Achilles has left the tent
"But where is my other friend?"
"Oh, him?" said Pug. "Oh, take him and welcome. Glad to have him off my hands. I never see such a drug on the market in all my born days. Priced him at five crescents in the end and even so nobody'd have him. Threw him in free with other lots and still no one would have him. Wouldn't touch him. Wouldn't look at him. Tacks, bring out Sulky."
Thus Eustace was produced, and sulky he certainly looked; for though no one would want to be sold as a slave, it is perhaps even more galling to be a sort of utility slave whom no one will buy.
("The Voyage of the Dawn Treader")
Thank goodness, the Ottawa Senators have finally traded our own Sulky, aka Dany Heatley. That was the headline on both front pages this morning; there had been a rumour on Friday, but it had been denied - I half suspected at the time that that might have been the signal that the story was true. But he's gone to the San Jose Sharks, and good riddance.
All the Ottawa sports writers are gleeful to see him gone, except for Wayne Scanlan of the Citizen. He's always had a soft spot for Heatley, and today he wrote a rueful "We shall not see his like again," dirge. Another thought Ottawa was taken on the deal, and we should have forced Heatley to play here until Christmas, to squeeze some goals from him while he's waiting to get on the Olympic team, and still motivated to work.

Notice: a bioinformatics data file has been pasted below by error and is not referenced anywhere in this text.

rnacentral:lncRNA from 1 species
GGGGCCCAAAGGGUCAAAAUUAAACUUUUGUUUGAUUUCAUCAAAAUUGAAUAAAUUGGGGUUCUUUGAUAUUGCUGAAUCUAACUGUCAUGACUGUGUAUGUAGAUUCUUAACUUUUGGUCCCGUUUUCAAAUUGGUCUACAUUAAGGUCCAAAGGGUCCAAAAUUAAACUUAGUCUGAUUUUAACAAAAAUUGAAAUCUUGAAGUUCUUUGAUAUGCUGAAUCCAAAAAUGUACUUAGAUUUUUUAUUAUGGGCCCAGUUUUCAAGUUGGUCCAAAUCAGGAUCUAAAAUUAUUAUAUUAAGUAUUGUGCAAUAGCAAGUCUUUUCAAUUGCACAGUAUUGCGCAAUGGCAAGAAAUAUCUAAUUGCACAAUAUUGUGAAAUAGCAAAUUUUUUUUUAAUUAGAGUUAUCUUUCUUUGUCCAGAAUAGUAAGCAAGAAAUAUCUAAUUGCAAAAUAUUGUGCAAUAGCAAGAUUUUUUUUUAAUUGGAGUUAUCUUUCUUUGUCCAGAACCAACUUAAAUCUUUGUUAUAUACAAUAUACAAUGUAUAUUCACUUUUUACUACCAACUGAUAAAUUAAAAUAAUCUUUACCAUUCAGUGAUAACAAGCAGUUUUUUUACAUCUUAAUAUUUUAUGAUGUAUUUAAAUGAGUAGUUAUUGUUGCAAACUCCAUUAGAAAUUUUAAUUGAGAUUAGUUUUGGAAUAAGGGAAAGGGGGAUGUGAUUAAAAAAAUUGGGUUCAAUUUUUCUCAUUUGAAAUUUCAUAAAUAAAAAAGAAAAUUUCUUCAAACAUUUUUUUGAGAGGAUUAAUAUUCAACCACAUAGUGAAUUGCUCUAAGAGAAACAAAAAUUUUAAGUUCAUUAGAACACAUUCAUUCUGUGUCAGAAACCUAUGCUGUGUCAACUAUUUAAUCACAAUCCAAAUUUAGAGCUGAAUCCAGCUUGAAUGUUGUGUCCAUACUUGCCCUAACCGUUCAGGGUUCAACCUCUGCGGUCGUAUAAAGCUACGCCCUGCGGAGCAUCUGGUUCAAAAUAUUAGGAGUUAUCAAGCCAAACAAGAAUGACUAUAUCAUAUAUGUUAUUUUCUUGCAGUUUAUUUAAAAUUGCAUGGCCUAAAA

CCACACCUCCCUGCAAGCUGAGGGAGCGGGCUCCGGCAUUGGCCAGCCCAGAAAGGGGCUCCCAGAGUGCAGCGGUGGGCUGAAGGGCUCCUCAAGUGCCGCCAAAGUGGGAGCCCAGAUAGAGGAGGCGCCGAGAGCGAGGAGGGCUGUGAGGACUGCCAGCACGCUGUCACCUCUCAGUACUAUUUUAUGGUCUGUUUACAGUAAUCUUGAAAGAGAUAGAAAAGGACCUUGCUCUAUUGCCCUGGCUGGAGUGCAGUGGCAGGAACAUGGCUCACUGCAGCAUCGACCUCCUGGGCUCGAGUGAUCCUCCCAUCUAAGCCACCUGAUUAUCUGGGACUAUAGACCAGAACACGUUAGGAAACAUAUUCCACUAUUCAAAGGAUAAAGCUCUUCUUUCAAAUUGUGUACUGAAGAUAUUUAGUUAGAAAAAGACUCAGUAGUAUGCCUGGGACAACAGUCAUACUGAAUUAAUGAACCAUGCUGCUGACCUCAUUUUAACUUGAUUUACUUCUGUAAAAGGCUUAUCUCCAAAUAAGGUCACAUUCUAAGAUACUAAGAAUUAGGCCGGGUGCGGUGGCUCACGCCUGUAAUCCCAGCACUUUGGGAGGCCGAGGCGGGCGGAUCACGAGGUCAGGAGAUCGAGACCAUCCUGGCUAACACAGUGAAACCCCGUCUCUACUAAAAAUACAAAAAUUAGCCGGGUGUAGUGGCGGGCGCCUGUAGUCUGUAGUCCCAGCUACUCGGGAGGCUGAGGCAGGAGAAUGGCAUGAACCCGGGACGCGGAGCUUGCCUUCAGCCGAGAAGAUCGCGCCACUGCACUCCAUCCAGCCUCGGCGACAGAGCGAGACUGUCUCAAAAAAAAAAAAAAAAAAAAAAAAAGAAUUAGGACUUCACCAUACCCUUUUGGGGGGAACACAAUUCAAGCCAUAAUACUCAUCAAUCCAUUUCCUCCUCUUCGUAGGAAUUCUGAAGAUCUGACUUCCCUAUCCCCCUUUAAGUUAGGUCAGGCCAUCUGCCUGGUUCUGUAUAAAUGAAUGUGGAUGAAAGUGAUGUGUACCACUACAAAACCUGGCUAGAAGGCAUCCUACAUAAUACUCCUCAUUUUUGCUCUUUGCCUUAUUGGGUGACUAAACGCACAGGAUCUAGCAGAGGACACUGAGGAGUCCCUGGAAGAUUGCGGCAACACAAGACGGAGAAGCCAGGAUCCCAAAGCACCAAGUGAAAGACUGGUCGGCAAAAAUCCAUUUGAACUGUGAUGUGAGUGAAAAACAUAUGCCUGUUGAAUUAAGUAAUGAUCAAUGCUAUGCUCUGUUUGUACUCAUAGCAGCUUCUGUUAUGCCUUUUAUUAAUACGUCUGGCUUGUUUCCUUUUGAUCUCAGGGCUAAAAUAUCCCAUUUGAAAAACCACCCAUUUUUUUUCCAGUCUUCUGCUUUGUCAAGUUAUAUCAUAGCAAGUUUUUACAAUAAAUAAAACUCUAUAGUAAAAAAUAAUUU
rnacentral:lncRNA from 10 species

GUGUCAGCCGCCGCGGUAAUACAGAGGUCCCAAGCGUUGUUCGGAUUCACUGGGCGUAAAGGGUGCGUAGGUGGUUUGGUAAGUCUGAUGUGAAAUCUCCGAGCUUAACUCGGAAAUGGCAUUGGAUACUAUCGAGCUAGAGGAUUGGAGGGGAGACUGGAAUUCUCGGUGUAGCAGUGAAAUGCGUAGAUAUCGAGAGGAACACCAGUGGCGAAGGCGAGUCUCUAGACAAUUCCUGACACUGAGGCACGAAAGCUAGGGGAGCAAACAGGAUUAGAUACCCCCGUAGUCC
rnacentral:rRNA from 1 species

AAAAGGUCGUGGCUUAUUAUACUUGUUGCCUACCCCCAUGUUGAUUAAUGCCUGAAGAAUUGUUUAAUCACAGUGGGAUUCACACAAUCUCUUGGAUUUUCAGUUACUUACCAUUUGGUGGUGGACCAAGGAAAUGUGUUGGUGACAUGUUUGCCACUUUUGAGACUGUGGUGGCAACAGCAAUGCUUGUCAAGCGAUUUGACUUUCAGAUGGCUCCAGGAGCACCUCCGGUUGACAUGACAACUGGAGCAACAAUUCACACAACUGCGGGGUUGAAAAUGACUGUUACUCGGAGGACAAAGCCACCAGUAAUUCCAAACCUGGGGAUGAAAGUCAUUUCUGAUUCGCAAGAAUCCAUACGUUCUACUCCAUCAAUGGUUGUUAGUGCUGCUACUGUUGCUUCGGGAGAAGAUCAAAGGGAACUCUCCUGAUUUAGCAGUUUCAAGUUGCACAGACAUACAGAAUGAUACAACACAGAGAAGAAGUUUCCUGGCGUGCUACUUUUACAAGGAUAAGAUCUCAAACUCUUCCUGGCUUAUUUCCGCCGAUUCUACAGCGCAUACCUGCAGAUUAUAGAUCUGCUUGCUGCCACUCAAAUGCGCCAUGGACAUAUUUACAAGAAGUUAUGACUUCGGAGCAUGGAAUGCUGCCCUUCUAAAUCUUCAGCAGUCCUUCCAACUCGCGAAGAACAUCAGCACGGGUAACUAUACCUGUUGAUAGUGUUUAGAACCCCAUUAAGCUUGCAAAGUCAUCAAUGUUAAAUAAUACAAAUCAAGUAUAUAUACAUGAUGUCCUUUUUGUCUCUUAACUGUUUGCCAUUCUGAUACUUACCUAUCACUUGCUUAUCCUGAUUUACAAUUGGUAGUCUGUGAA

But as the Romans supposedly said, "It's better to go on foot than to ride an unwilling horse." I don't think someone of his graceless temperament would work BETTER this year than last, after publicly losing his trade gamble, and having to surrender to a coach he'd complained about. Add to that the guaranteed booing every time he took the ice, and I don't think we'd get anywhere near our money's worth out of him. I think The Mighty Achilles would take to sulking in his tent again, waiting for everyone else to come begging and pleading with him to save the day.
He's leaving Ottawa in smug triumph, seemingly oblivous to the disturbing that the trade was a close-run thing. Instead of Mr. Fifty Goals Hotshot spending a pleasant summer overseeing a frantic bidding war for his services, very few teams wanted anything to do with him. Now he's got his money and his favoured town to move to; I don't suppose he realizes that this may be the decisive move in his career or maybe even his life - the one where the world decides if he can FINALLY be a man who's word means something, or if in a few years he'll again have just as many good excuses for not having to live up to a contract as he has this year.